Wednesday, September 30, 2009

true story

[I wrote this one night after coming home from the clinic where I work]



"You would have had to..."

The doctor was talking through her surgical mask and I couldn't quite hear her. But I knew what she was talking about. She was talking about innards, guts. And I knew the diagnoses: gastric torsion. The stomach twists. No one seems to know why, or at least, no one agrees. It happens to large dogs for the most part. And unless you act quickly they die.

Which is what had happened to the dog on the table. A standard poodle, black once, in his youth, faded now to grey in his old age.

I wondered what sort of dog he was. His condition upon arrival gave no indication of personality; he was nearly comatose. Was he the usual reserved and proud example of his breed? Was he a happy dog? A somber dog? Did he like to play fetch? Was he loved?

He was not one of our patients so we had no history, no connection to him or his people, not even a date of birth. He was being kenneled. His people had dropped him off as they had so often in the past, without incident. They would have to be told. The kennel people would do that. An unenviable task. Telling someone their dog has died while in your care.

I did not know this dog. He was a stranger to me. And I am not particularly fond of standard poodles. But I spoke kindly to him, held his cold paws in my hands while he was prepped for surgery; his shaved abdomen washed with blue soap and treated with betadyne. I hoped some of the warmth from my hands might seep into him. I do not think he heard my words.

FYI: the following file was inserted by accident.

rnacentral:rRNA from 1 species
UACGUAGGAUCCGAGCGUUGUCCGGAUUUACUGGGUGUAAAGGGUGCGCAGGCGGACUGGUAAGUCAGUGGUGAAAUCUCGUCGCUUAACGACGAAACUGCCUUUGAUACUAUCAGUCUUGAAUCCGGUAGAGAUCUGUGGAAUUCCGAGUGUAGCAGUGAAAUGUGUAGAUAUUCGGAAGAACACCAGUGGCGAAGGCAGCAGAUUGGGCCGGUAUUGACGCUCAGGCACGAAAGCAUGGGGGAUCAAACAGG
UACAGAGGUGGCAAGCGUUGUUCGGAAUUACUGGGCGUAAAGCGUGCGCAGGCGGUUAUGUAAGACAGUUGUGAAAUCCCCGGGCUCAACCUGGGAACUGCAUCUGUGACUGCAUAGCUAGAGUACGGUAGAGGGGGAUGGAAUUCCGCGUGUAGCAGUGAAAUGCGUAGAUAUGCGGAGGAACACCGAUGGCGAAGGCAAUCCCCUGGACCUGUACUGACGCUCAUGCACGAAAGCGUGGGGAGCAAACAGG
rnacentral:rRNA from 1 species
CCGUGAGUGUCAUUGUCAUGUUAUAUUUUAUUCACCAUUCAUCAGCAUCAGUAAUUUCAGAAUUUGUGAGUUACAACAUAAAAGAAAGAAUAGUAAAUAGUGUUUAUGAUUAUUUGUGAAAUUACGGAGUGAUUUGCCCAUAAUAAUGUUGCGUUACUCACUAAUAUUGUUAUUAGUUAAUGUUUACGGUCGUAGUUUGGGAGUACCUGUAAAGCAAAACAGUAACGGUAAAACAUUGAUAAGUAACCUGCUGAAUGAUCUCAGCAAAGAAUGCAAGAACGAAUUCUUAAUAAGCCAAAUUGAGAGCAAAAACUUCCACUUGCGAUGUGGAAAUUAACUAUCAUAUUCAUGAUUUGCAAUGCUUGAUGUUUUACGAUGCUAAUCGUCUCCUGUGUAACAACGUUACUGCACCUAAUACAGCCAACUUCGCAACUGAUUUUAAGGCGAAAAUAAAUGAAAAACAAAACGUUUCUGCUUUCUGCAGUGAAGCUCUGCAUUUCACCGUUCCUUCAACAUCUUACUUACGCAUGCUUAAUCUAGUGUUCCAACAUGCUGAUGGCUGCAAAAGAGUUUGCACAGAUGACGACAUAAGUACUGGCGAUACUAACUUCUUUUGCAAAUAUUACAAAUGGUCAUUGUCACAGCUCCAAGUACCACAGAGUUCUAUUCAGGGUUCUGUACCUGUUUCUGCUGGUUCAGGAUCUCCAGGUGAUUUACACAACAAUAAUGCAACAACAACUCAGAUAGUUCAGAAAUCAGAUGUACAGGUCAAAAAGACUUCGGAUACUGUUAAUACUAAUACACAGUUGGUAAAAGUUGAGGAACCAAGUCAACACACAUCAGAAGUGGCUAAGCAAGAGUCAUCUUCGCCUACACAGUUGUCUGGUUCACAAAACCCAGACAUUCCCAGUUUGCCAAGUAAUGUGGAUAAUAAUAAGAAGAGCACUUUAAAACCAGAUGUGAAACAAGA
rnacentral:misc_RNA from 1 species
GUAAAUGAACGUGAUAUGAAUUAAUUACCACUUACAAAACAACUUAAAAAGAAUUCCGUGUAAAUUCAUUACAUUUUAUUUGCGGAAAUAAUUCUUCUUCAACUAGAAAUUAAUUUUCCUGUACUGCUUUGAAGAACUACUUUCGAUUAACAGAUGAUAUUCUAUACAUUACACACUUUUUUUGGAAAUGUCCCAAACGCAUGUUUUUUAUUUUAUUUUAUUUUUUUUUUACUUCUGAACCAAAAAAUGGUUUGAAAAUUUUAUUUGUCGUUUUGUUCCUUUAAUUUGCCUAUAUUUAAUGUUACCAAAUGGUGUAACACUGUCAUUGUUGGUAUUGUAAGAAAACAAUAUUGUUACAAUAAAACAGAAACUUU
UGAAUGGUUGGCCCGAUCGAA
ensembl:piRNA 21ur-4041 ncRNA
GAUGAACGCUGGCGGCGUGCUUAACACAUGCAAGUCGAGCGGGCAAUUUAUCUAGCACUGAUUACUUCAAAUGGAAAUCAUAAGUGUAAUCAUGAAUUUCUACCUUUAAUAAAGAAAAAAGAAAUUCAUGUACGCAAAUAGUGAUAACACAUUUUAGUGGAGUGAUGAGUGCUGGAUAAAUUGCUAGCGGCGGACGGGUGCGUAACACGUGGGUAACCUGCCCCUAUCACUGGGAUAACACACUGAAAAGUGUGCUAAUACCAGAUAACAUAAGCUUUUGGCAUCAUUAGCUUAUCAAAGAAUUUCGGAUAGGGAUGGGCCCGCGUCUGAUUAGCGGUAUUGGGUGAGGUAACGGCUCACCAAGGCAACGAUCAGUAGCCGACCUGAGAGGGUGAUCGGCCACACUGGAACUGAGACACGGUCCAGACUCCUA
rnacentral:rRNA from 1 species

I made a cage up for him with clean paper and a soft fleece to lay on, knowing his stomach would be tender. I left a towel to cover him with, wanting him to be warm. But of course, he never needed these things, dying midway through the surgery, alone in a strange place where none of the voices he heard were familiar. Was it better he died with us? With someone? Would he have had a better chance if his people had been here? Or had he already given up?

The girl who brought him in cried and I guessed she knew him well enough to have feelings for him. He was a frequent guest. I wondered, would his people cry for him as she did? Or would they simply accept his death stoically and tell themselves he was just a dog.

His name was Jack.

2 comments:

  1. You should send that story in to a dog magazine. In fact, you could write for a vet magazine. Thats how Wendy began her writing career, writing what she knew most (computors) and now what she wants to.

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  2. Banned complain !! Complaining only causes life and mind become more severe. Enjoy the rhythm of the problems faced. No matter ga life, not a problem not learn, so enjoy it :)

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